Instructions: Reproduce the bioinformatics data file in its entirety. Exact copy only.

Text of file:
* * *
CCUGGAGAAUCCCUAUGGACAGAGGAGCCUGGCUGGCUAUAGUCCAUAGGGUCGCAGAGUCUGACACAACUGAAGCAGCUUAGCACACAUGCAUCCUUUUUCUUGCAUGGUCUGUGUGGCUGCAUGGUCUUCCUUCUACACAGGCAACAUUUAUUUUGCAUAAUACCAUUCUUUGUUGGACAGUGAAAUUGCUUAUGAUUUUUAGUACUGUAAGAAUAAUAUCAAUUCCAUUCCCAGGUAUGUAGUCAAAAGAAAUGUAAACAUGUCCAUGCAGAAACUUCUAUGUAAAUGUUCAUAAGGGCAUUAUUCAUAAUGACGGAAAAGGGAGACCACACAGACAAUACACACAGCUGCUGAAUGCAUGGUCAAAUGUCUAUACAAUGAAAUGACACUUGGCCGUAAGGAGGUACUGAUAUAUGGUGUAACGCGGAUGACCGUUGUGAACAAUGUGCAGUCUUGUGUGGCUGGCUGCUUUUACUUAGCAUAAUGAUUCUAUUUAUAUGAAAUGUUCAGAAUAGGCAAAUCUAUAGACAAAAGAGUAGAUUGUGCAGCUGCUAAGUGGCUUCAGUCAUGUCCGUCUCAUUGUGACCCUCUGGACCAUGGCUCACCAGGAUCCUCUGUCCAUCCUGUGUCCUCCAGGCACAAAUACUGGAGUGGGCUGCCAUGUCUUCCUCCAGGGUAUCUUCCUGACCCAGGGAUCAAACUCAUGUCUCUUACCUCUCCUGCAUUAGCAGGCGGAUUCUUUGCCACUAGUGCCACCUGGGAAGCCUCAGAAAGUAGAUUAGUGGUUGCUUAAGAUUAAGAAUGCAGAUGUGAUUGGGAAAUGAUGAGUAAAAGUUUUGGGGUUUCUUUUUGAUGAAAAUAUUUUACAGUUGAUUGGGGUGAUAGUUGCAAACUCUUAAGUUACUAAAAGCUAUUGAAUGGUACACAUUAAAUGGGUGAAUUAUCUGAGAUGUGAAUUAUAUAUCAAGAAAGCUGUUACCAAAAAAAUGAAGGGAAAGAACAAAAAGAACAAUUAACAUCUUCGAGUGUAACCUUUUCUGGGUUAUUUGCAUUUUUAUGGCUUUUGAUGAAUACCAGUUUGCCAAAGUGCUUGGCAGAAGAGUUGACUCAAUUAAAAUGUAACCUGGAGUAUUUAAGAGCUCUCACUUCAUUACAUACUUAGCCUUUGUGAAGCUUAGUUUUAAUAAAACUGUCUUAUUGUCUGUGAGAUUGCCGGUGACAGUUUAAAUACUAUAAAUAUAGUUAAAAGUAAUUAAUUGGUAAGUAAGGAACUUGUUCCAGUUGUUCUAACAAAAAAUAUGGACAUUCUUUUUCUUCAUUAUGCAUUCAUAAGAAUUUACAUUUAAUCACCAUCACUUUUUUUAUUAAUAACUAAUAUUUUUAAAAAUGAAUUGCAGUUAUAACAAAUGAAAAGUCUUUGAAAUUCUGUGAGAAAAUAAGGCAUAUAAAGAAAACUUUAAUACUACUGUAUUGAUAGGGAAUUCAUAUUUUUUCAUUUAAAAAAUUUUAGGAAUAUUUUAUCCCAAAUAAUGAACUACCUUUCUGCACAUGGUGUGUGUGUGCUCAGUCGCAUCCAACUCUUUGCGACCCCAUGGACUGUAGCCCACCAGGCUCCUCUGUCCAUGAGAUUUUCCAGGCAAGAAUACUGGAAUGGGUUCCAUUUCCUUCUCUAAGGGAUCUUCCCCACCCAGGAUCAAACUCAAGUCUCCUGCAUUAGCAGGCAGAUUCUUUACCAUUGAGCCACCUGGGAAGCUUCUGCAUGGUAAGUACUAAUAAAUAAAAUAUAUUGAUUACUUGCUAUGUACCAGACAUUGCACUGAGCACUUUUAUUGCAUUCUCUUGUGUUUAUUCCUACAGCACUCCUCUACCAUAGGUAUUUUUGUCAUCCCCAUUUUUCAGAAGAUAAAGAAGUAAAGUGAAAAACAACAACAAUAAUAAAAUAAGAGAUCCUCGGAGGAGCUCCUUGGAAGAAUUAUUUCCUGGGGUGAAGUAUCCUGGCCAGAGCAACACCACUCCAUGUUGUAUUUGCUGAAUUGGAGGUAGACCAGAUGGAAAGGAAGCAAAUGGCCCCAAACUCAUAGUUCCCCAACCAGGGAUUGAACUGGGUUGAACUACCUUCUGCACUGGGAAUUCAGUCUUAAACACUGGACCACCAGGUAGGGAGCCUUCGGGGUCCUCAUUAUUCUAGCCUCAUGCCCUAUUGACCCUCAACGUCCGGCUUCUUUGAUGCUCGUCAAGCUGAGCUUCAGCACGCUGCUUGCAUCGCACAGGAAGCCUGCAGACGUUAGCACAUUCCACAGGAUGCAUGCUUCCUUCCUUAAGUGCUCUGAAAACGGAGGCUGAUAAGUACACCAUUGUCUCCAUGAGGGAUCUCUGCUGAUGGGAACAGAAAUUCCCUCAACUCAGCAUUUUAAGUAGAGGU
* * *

CCUGGAGAAUCCCUAUGGACAGAGGAGCCUGGCUGGCUAUAGUCCAUAGGGUCGCAGAGUCUGACACAACUGAAGCAGCUUAGCACACAUGCAUCCUUUUUCUUGCAUGGUCUGUGUGGCUGCAUGGUCUUCCUUCUACACAGGCAACAUUUAUUUUGCAUAAUACCAUUCUUUGUUGGACAGUGAAAUUGCUUAUGAUUUUUAGUACUGUAAGAAUAAUAUCAAUUCCAUUCCCAGGUAUGUAGUCAAAAGAAAUGUAAACAUGUCCAUGCAGAAACUUCUAUGUAAAUGUUCAUAAGGGCAUUAUUCAUAAUGACGGAAAAGGGAGACCACACAGACAAUACACACAGCUGCUGAAUGCAUGGUCAAAUGUCUAUACAAUGAAAUGACACUUGGCCGUAAGGAGGUACUGAUAUAUGGUGUAACGCGGAUGACCGUUGUGAACAAUGUGCAGUCUUGUGUGGCUGGCUGCUUUUACUUAGCAUAAUGAUUCUAUUUAUAUGAAAUGUUCAGAAUAGGCAAAUCUAUAGACAAAAGAGUAGAUUGUGCAGCUGCUAAGUGGCUUCAGUCAUGUCCGUCUCAUUGUGACCCUCUGGACCAUGGCUCACCAGGAUCCUCUGUCCAUCCUGUGUCCUCCAGGCACAAAUACUGGAGUGGGCUGCCAUGUCUUCCUCCAGGGUAUCUUCCUGACCCAGGGAUCAAACUCAUGUCUCUUACCUCUCCUGCAUUAGCAGGCGGAUUCUUUGCCACUAGUGCCACCUGGGAAGCCUCAGAAAGUAGAUUAGUGGUUGCUUAAGAUUAAGAAUGCAGAUGUGAUUGGGAAAUGAUGAGUAAAAGUUUUGGGGUUUCUUUUUGAUGAAAAUAUUUUACAGUUGAUUGGGGUGAUAGUUGCAAACUCUUAAGUUACUAAAAGCUAUUGAAUGGUACACAUUAAAUGGGUGAAUUAUCUGAGAUGUGAAUUAUAUAUCAAGAAAGCUGUUACCAAAAAAAUGAAGGGAAAGAACAAAAAGAACAAUUAACAUCUUCGAGUGUAACCUUUUCUGGGUUAUUUGCAUUUUUAUGGCUUUUGAUGAAUACCAGUUUGCCAAAGUGCUUGGCAGAAGAGUUGACUCAAUUAAAAUGUAACCUGGAGUAUUUAAGAGCUCUCACUUCAUUACAUACUUAGCCUUUGUGAAGCUUAGUUUUAAUAAAACUGUCUUAUUGUCUGUGAGAUUGCCGGUGACAGUUUAAAUACUAUAAAUAUAGUUAAAAGUAAUUAAUUGGUAAGUAAGGAACUUGUUCCAGUUGUUCUAACAAAAAAUAUGGACAUUCUUUUUCUUCAUUAUGCAUUCAUAAGAAUUUACAUUUAAUCACCAUCACUUUUUUUAUUAAUAACUAAUAUUUUUAAAAAUGAAUUGCAGUUAUAACAAAUGAAAAGUCUUUGAAAUUCUGUGAGAAAAUAAGGCAUAUAAAGAAAACUUUAAUACUACUGUAUUGAUAGGGAAUUCAUAUUUUUUCAUUUAAAAAAUUUUAGGAAUAUUUUAUCCCAAAUAAUGAACUACCUUUCUGCACAUGGUGUGUGUGUGCUCAGUCGCAUCCAACUCUUUGCGACCCCAUGGACUGUAGCCCACCAGGCUCCUCUGUCCAUGAGAUUUUCCAGGCAAGAAUACUGGAAUGGGUUCCAUUUCCUUCUCUAAGGGAUCUUCCCCACCCAGGAUCAAACUCAAGUCUCCUGCAUUAGCAGGCAGAUUCUUUACCAUUGAGCCACCUGGGAAGCUUCUGCAUGGUAAGUACUAAUAAAUAAAAUAUAUUGAUUACUUGCUAUGUACCAGACAUUGCACUGAGCACUUUUAUUGCAUUCUCUUGUGUUUAUUCCUACAGCACUCCUCUACCAUAGGUAUUUUUGUCAUCCCCAUUUUUCAGAAGAUAAAGAAGUAAAGUGAAAAACAACAACAAUAAUAAAAUAAGAGAUCCUCGGAGGAGCUCCUUGGAAGAAUUAUUUCCUGGGGUGAAGUAUCCUGGCCAGAGCAACACCACUCCAUGUUGUAUUUGCUGAAUUGGAGGUAGACCAGAUGGAAAGGAAGCAAAUGGCCCCAAACUCAUAGUUCCCCAACCAGGGAUUGAACUGGGUUGAACUACCUUCUGCACUGGGAAUUCAGUCUUAAACACUGGACCACCAGGUAGGGAGCCUUCGGGGUCCUCAUUAUUCUAGCCUCAUGCCCUAUUGACCCUCAACGUCCGGCUUCUUUGAUGCUCGUCAAGCUGAGCUUCAGCACGCUGCUUGCAUCGCACAGGAAGCCUGCAGACGUUAGCACAUUCCACAGGAUGCAUGCUUCCUUCCUUAAGUGCUCUGAAAACGGAGGCUGAUAAGUACACCAUUGUCUCCAUGAGGGAUCUCUGCUGAUGGGAACAGAAAUUCCCUCAACUCAGCAUUUUAAGUAGAGGU